Lloyd retires from commentary in backdrop of racism claims

Cricket commentator David Lloyd announced his retirement from Sky Sports on Tuesday, a month after he was named by Azeem Rafiq in his testimony about a culture of widespread racism at his county club Yorkshire.

Lloyd, a former England player and coach, has been behind the microphone with Sky Cricket for 22 years.

He apologised last month when Rafiq said the 74-year-old was a “closet racist” after he made disparaging comments about Asian cricketers in 2020. Sky had said they would be investigating Lloyd’s comments.

In a statement on social media, Lloyd wrote: “After 22 wonderful years with Sky Cricket, I’ve decided the time is now right to pass on the microphone.

“It’s been an immense privilege to try and bring the sport I love into people’s homes up and down the country.

“There are so many wonderful memories, so many terrific games and incredible performances. I’ve been lucky to travel the world sharing Ashes highs and lows, World Cup wins and losses, heroics and heartaches with you all.”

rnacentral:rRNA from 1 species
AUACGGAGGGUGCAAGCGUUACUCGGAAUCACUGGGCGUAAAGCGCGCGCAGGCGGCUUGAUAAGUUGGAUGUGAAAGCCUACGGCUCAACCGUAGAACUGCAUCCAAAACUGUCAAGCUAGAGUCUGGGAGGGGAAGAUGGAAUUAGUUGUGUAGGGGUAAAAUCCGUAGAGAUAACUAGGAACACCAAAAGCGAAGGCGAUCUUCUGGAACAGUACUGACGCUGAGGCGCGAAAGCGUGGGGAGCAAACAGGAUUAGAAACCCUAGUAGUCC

He said sharing a commentary box in Australia in 2013 with his broadcasting hero Bill Lawry was a “real highlight”.

Known for bringing an element of humour to his commentary besides his vast knowledge about the game, Lloyd was alongside Ian Bishop, when Carlos Brathwaite’s four sixes in a row off Ben Stokes took West Indies to a stunning last-over victory against England in the 2016 T20 World Cup final.

“It has been a great pleasure to work alongside Ian Bishop, Ravi Shastri, Shane Warne, Shaun Pollock, and Ian Smith amongst many others,” he added.

“With the passing of Bob Willis and after the decision to move on by my good friends David Gower, Ian Botham and more recently Michael Holding, the commentary box feels a little emptier.  And so I feel it is time for me to do the same and move on to the next chapter.

“I leave the Sky box in immensely capable hands led by my pals Michael Atherton, Nasser Hussain, Ian Ward and Rob Key. To those that follow, cherish that mic. Inform and entertain so the next generation can fall in love with this wonderful game,” Lloyd said in a statement.

“I’m done now with Sweet Caroline but in the words of Elton John, ‘I’m still standing’!”

Lloyd played nine Tests and eight One-Day Internationals for England between 1973 and 1980, and he coached the team from 1996 to 1999.

 

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